The cartridges are formed of 7,000 to 15,000 hollow fibres of 180-220 microns inner diameter and 15-40 micron thickness, and the challenge lies in spinning these clinical grade hollow fibre membranes to the specific dimensions, said Roy.
 
"The present innovation is about a technology (using disposable syringe assemblies) that has been designed to spin such clinical grade fibres in India since the country does not possess the technology to spin hollow fibre membranes of such specifications."
 
"This technology does not use the conventional expensive spinnerets which are employed by the companies abroad," said Roy, adding only four to five companies worldwide enjoy the monopoly in this business and all have their own patented technology.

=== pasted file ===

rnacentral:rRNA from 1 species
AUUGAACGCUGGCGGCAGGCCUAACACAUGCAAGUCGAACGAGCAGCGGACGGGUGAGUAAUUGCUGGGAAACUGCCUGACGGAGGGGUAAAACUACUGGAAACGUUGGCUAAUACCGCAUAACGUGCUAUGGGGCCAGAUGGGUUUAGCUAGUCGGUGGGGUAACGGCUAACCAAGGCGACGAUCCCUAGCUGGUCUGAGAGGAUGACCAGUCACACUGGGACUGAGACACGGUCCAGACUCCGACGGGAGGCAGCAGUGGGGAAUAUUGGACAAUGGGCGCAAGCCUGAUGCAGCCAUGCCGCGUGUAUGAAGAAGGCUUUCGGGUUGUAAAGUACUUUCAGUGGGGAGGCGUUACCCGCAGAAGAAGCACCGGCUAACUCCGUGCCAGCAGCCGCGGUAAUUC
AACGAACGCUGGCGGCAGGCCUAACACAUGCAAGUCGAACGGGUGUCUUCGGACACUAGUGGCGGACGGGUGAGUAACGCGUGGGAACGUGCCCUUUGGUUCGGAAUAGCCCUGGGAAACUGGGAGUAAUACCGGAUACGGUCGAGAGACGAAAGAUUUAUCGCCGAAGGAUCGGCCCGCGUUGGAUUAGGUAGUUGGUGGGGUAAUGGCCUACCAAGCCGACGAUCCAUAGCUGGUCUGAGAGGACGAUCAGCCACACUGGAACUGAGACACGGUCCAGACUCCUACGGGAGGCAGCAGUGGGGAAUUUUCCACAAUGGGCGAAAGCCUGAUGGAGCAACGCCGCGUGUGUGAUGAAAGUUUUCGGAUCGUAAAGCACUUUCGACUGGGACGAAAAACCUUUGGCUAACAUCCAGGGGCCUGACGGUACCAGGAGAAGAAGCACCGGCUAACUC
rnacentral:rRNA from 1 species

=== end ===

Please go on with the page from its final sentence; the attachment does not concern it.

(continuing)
"Due to this, each dialyser costs Rs.1,000 to Rs.1,500 and ideally three such dialysers are needed per week for each patient," he said.
 
The estimated manufacturing cost of such a dialyser developed by the IIT-Kharagpur team is expected to be around Rs.200-300, he said.
 
This is a project of national importance and was funded by the Department of Science and Technology, with two Bengaluru-based companies as industrial partners of the technology, said Roy.
 
Animal and clinical trials of the product are awaited, although in-vitro (laboratory) tests have been completed.